Even childless writers are parents

I’m a giant pregnant lady right now. The bellysaurus has taken over. I can’t get comfortable and I’m unable to tell the difference between Braxton Hicks and real contractions anymore.


My writer’s brain is afire with all sorts of craziness. I want to finish every story, edit every project, and see all of my works published RIGHT NOW!

The correlation is uncanny.

Throughout the past few years I’ve compared writing to running a marathon, being in an abusive relationship, slipping into insanity, rescuing yourself from your past, and a lot of other ridiculousness, but mainly giving birth. Having children. Raising children.


This has never been more apparent to me than it is today.

With both writing and birthing and/or raising children PATIENCE is a must. Writers who rush through drafts, editing, and just publish as fast as possible receive little long term rewards.

It is uncomfortable. My body is stretched and itchy as the corners of my mind. Writers stretch their sympathies, their perspective, and mainly their sense-of-self. It is often frustrating but can offer rewards along the way.


It is draining. Some days I have to force myself out of bed and get my body moving through sore muscles that have had enough of the excess weight. We can joke about writer’s block and waiting for inspiration, but writers (good/successful writers) must often force themselves to work through self-doubt, illness, family issues, mental problems, and more. People who put off their art fall farther away from it, just as I feel much better after walking for a few miles no matter how painful that walk is with a baby sitting on top of my bladder and squishing my organs.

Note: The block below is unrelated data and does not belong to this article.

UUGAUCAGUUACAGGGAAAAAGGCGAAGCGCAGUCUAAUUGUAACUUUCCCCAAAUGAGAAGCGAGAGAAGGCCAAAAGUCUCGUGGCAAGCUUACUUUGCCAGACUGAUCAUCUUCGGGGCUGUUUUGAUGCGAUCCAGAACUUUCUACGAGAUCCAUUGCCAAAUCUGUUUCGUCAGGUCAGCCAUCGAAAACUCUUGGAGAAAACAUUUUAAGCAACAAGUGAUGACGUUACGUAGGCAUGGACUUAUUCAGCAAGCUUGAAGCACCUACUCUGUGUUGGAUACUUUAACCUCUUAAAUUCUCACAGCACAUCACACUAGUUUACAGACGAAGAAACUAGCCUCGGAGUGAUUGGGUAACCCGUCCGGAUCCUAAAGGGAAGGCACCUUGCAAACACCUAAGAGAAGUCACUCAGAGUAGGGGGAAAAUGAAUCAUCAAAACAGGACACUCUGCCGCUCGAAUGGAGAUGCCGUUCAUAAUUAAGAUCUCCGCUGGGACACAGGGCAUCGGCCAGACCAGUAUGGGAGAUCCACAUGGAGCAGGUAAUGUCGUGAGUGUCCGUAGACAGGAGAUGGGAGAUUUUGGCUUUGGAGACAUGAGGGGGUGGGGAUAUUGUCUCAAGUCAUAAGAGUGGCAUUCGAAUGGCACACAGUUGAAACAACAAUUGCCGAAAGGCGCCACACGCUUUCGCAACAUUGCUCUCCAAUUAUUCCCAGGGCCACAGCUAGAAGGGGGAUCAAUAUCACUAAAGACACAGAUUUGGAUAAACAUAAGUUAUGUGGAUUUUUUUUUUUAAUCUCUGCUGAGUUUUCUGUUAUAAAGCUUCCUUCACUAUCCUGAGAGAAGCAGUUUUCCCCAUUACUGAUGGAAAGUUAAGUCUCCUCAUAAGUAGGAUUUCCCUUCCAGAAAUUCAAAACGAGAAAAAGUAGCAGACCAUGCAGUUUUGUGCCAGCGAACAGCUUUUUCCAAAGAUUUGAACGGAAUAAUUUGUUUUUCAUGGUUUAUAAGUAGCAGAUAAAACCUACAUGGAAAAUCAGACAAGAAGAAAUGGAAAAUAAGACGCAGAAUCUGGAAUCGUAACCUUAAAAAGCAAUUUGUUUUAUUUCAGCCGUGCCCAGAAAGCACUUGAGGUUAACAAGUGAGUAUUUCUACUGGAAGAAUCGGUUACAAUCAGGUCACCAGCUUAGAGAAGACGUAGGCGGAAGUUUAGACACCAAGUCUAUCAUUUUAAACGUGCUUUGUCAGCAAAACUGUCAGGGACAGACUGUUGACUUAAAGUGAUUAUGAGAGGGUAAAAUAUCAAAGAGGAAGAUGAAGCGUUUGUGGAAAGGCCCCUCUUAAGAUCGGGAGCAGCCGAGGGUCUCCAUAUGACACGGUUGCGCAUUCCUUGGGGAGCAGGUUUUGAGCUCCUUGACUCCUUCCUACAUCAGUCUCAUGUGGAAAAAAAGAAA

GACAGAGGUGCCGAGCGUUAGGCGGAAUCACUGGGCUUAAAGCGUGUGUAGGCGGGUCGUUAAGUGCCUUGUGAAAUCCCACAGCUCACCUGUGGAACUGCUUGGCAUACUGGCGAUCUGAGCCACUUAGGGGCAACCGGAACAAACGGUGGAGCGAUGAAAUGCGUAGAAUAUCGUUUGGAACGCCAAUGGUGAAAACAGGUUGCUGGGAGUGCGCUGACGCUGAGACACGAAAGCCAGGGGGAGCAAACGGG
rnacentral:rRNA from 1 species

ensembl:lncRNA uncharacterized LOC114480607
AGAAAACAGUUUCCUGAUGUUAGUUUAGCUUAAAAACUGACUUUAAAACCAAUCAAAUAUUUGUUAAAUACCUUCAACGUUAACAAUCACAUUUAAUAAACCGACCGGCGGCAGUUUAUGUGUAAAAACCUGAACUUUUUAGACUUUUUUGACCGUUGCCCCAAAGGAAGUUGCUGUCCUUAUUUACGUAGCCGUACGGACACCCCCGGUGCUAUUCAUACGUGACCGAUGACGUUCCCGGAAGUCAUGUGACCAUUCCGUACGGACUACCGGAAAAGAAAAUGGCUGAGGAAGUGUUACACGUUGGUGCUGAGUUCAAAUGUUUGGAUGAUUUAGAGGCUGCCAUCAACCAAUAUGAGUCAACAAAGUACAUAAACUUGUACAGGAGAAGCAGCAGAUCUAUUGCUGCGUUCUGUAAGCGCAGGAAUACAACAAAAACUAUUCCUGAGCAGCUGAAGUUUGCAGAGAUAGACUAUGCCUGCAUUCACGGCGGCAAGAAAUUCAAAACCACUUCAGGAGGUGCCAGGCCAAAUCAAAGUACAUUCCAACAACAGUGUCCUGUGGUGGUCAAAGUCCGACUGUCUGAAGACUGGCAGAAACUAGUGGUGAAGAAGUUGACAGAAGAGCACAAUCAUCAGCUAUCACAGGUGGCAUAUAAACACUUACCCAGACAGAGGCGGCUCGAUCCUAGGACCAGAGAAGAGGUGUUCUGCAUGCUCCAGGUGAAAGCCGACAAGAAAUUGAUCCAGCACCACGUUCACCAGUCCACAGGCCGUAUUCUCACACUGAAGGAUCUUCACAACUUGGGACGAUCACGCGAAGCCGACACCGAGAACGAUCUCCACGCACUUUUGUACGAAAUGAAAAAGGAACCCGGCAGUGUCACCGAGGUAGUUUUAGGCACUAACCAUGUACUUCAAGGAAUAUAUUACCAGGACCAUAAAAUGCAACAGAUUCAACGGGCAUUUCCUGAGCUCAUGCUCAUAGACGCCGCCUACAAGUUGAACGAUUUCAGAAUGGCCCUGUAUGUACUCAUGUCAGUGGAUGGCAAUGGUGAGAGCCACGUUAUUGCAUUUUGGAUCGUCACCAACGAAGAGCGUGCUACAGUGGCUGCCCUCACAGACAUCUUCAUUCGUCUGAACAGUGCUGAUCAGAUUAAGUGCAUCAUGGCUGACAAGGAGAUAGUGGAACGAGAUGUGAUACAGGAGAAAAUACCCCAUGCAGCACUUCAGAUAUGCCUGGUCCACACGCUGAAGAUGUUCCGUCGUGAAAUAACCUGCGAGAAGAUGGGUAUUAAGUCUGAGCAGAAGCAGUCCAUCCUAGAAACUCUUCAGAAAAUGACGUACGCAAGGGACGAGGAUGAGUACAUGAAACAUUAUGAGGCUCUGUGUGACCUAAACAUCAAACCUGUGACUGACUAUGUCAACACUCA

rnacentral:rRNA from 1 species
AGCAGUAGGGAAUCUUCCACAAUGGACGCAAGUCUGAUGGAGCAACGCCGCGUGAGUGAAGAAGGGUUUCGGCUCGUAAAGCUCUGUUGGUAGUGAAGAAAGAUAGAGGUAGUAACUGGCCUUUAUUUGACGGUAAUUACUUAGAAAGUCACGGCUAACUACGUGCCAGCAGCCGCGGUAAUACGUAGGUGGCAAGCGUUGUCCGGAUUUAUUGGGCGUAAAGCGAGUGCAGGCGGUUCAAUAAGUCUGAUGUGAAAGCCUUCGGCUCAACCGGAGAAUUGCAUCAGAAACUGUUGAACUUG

It is scary. I choose the more difficult route all too often. I’m a born naturalist, and though it is not for everyone, I don’t often consult doctors. I employ a midwife for all my pregnancy and birthing needs. There is nothing like laying in your own bed with your baby right after working so hard to bring it into the world. Even hospital births are scary at times; there are always risks and worries. Loving a story is very much the same. I always wish for it to come out perfect and ready to be read. Going through and cultivating a tale, really growing it into something is terrifying at times.


Writing the story is a writer’s pregnancy. Editing is labor. Publishing is sharing your creation with the world.


Not every story is received well, just as some children struggle through this world. It often takes a lot of work to get your story seen and heard, just as children must learn to find their voices and become their own people.

As frustrating as it all is, there is not a damn thing I would change about being a mother or an author. The rewards outweigh all the pain.


Nothing is perfect. But the love you share with your child and those who grow to love your child is akin to the bond that forms when you find readers who praise your work and discuss it with glee.

The accomplishment lasts. It doesn’t matter if something goes wrong, or your child has a serious illness, how you choose to spend your time with your kid(s) matters. Writing is no different. I’ve had my own flops. Not every story is going to do well, but it is still a part of you, a part that no one can ever take away.


You find a sense of purpose. I strive to lead by example. I want my children to be happy, healthy, caring individuals so I know that I must display that in myself. They help me to be a better person. My stories often magnify my strengths and weaknesses and help me to face them head-on. By honing my craft I find a deeper meaning in everything. Both allow me to contribute more.


Whether you are a parent, a writer, or both, you have more to give. Some days it’s rough, and others, life is a gift. Nothing ever stays the same; kids grow up, writing styles change, but that is part of the adventure. Live it with vigor.


2 thoughts on “Even childless writers are parents

  1. MARK WILLIAM WALKER (@j0vFeet1) says:

    Can’t relate to the preggi issues, but definitely the writing ones. As an 8th grader (back when the glaciers were just receding) I told myself that sometimes I would have to force myself to do what I had to do. How true with writing.

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